Chris Andersen: Andersen, aka Birdman, provided a nice boost of size as an enforcer on defense for the Heat. He has a knack for drawing and dishing out contact in the paint and has a role playing short stints at center. He averaged 11.9 points, 9.9 rebounds and 2.5 blocks per 36 minutes over 42 games with the Heat last season. He mainly brings fantasy value in rebounds and blocks, but probably does not play enough minutes from game to game to warrant much of a look on draft day.
Greg Oden: Oden signed a minimum deal with the Heat in an attempt to make a comeback to the NBA. The former number one overall pick has not played in an NBA game since the 2009-10 season. It is difficult to tell what type of player he will be at this point given the concerns over his knees and his injury history. He is bound to be nagged by issues that may keep him off the court, but if he is able to play, he could provide a solid presence in the paint on both ends of the court for the Heat off the bench. Watch how he performs in the preseason, but it is difficult to recommend investing a draft pick in him in most leagues.
Joel Anthony: Anthony only saw the floor in 62 games for the Heat last season but will stay around for another season with the only team he has been with his entire NBA career. He averaged career-lows in stats across the board, so he has virtually no fantasy value with the current roster for the Heat.
Udonis Haslem: Haslem is the starter at power forward, but his minutes and scoring contributions generally do not reflect that. He played in 75 games last season for Miami and is entering his 11th year with the team. Haslem averaged 7.4 points and 10.3 rebounds per 36 minutes on the floor. With a balance of scoring options in South Beach, Haslem has a nice role as a defensive specialist who can rotate down low, though he is a bit undersized at 6-8 for the position. His main contribution is on the rebounding end.
LeBron James: James just keeps showing why he is the king and MVP of the NBA, especially in the fantasy category. For being a star of the league, he is a well-rounded statistical player, as he averaged 26.8 points, 7.3 assists and 8.0 rebounds per game. He had four triple-doubles last season and 15 games with 10 or more assists. And the scary thing is that he has improved his efficiency as a shooter. He put up a career-high 57 percent shooting from the field and shot a career-high 41 percent on three-pointers. Kevin Durant may go as the number one overall pick in many drafts, but James will give any team the most well-rounded statistical star in the league.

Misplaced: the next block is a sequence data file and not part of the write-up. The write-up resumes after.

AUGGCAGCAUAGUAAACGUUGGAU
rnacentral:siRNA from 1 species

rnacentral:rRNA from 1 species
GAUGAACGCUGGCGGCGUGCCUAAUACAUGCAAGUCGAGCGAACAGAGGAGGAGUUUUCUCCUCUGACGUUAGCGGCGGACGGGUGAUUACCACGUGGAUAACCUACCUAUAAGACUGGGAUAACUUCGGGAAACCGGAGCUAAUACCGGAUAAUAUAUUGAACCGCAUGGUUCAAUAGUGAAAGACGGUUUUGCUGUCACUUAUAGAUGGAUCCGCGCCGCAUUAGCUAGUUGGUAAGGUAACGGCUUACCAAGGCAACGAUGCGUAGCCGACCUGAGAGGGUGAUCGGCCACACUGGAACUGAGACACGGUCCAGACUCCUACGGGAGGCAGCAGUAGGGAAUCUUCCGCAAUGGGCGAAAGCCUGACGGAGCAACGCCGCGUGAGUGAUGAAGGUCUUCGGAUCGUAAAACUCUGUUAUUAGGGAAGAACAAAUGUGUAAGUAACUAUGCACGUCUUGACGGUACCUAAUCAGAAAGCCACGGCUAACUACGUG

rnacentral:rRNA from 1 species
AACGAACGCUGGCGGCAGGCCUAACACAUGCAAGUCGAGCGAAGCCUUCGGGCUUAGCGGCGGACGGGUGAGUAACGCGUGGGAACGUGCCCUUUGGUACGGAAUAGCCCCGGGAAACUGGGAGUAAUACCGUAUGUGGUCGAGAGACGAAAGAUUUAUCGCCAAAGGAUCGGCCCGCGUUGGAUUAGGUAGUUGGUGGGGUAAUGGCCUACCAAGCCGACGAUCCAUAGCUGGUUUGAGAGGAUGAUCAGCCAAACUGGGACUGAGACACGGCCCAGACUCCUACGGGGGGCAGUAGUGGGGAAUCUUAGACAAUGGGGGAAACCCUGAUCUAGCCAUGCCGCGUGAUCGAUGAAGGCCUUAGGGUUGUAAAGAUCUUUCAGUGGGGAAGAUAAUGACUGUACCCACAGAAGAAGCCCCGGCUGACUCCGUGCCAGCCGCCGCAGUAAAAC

Shane Battier: Battier has led many to believe that this season will be his last before he retires from the NBA. He was a huge factor in Game 7 of the NBA Finals for the Heat when he hit six three-pointers to help seal the championship. He works mainly as a shooter off the bench at small forward and will continue to do so in 2013-14. With Mike Miller amnestied in the offseason, Battier will not have to worry as much about his role being cut into. He tied a career-high last season, averaging 1.9 three-pointers per game shooting 43 percent from beyond the arc. That is his main fantasy contribution at this point of his career.
Rashard Lewis: Lewis will return to the Heat for the 2013-14 season, though his playing time is again expected to be limited. He only played in 55 games last season, but did manage to average 13.0 points per 36 minutes. Unless there are some major changes on the roster, Lewis will not see many opportunities for playing time with the Heat this season.
James Ennis: Ennis, a second-round pick in the 2013 NBA Draft out of Long Beach State, is an athletic small forward that will need some development. He is lined up to play overseas in Australia this season and will be stashed by the Heat to contribute down the road.
Jarvis Varnado: Varnado played in only eight games with the Heat in 2012-13 and will be on the roster bubble heading into this season. He mostly played in the D-League and will participate in training camp. Even if he does make the roster, he is not expected to crack the fantasy radar this season in most leagues.